All patients had target lesions, allowing the use of RECIST to evaluate objective responses. Therapeutic effects are presented in table 3. One case of CR and three cases of PR were observed in the chemotherapy group, but no such cases were documented in the MPA/MA group. More SD cases and fewer PD cases occurred in the chemotherapy group than in the MPA/MA group, but overall efficacy did not differ significantly between groups (rank-sum test, p = 0.076). Disease control rates were 52.94% (9/17) in the MPA/MA group and 73.53% (25/34) in the chemotherapy group (χ2test, p = 0.208). CB rates (CR + PR + SD ≥ 6 months) showed no significant difference between the MPA/MA and chemotherapy groups (11.76% vs. 29.41%; χ2test, p = 0.263). More than 35% of patients in each group showed at least 3 months of CB (CR + PR + SD ≥3 months). Patients in the MPA/MA group showed a marked response to treatment that continued for more than 7 months.

Progression-free survival

Median PFS was comparable in the MPA/MA and chemotherapy groups {2 [95% confidence interval (CI), 1–4] vs. 2.5 [95% CI, 2–5] months; log-rank test, p = 0.135}. Median PFS of 1st–6th-line salvage treatments was shorter in the MPA/MA group than in the chemotherapy group [2 (95% CI, 1–4) vs. 5 (95% CI, 2–7) months; log-rank test, p = 0.036], but median PFS of ≥7th-line salvage treatments was comparable between groups [2 (95% CI, 1–2) vs. 2 (95% CI, 1–6) months; log-rank test, p = 0.139]. Median PFS was comparable between patients treated with MPA (n = 7) and those treated with MA [n = 10; 2 (95% CI, 2–4) vs. 1.5 (95% CI, 1–4) months; log-rank test, p = 0.921]. Survival curves are presented in figure 2.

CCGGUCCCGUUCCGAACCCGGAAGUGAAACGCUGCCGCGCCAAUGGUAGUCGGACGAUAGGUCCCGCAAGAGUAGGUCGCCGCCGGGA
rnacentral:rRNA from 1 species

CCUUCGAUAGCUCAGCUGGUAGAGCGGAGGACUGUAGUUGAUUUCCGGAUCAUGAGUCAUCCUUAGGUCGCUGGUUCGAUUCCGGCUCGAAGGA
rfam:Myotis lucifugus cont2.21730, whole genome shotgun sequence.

Adverse effects

No serious side effect occurred in the MPA/MA group; moderate side effects included body weight gain, hyperglycaemia, vaginal bleeding, and blurred vision. One patient withdrew from MPA treatment because of weight gain. Eight patients (23.52%) in the chemotherapy group withdrew because of adverse effects. The most frequent grade 3 or 4 adverse events in the chemotherapy group were neutropenia, leucopenia, thrombocytopenia, anaemia, fatigue or asthenia, and increased alanine aminotransferase level. Adverse effects and withdrawal data are presented in table 4.

Table 3: Therapeutic effects.
 MPA/MA group(n = 17)Chemotherapy group(n = 34)χ2p
Therapeutic effect, % (n)    
CR 2.94 (1/34)3.1570.076
PR 8.82 (3/34)
SD52.94 (9/17)61.76 (21/34)
PD47.06 (8/17)26.47 (9/34)